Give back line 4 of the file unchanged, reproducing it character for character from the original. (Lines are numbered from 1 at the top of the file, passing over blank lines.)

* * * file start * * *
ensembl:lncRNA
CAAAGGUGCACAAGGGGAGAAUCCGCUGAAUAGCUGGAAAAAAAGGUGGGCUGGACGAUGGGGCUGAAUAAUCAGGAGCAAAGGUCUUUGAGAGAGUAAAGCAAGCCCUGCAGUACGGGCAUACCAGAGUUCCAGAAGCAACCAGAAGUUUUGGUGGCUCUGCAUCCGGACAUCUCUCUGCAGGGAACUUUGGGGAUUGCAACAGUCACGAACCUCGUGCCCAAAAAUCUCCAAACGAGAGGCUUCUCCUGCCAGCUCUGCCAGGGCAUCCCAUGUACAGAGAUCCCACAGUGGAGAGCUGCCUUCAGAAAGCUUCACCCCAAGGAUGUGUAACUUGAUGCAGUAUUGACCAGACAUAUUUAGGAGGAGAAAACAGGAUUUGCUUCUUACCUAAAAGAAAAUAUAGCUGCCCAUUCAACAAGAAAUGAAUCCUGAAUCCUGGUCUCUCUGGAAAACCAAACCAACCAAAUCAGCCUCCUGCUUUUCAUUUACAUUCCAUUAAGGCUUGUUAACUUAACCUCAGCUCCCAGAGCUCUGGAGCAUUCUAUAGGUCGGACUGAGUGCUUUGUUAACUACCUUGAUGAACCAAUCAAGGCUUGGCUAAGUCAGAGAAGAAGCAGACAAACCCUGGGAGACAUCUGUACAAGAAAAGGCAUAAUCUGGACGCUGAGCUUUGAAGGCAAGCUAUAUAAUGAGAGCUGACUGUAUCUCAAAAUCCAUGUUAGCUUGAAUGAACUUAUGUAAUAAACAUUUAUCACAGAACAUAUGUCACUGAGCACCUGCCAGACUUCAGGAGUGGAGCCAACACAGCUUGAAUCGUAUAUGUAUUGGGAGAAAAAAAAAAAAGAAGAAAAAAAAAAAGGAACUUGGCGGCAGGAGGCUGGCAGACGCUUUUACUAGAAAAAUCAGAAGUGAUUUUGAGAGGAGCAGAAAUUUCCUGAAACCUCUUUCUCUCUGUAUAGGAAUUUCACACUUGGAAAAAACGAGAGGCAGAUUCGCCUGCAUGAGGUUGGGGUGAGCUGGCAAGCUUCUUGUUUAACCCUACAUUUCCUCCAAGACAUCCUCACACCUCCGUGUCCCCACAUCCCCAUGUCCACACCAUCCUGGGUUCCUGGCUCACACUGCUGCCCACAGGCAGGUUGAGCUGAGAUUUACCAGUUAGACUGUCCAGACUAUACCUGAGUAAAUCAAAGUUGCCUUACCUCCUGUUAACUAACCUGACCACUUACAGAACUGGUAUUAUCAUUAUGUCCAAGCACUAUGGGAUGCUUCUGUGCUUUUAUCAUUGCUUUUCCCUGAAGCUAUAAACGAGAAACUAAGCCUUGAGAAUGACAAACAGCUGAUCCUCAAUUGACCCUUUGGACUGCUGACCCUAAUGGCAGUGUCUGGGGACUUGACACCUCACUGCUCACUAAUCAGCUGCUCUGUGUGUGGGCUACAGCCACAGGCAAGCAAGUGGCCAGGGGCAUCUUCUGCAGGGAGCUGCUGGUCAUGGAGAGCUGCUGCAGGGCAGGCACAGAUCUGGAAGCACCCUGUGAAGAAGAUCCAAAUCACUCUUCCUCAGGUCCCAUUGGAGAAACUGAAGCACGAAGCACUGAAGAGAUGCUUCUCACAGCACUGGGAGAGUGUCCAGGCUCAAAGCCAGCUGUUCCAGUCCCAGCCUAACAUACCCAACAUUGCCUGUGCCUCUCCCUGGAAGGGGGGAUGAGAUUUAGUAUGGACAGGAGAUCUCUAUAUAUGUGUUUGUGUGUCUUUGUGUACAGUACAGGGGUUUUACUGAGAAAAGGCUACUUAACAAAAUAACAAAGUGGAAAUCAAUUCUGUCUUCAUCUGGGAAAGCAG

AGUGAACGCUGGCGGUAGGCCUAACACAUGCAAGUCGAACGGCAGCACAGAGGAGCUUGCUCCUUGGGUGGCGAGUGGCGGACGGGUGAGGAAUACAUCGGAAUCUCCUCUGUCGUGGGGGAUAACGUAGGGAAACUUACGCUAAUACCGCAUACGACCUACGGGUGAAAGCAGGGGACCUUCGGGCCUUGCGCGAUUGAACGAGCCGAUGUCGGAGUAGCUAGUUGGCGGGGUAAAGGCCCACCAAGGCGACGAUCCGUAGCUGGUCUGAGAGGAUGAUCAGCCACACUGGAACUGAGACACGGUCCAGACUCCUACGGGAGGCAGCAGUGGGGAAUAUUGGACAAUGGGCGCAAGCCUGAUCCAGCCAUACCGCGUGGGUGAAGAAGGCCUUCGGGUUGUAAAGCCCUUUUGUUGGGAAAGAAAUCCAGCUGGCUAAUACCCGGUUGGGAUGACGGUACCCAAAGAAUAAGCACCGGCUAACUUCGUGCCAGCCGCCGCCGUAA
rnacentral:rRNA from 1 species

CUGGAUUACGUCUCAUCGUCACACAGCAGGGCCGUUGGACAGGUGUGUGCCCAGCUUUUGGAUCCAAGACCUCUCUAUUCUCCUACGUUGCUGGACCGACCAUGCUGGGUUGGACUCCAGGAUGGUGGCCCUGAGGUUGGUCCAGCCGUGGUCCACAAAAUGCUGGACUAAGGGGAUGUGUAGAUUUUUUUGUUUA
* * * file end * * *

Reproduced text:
rnacentral:rRNA from 1 species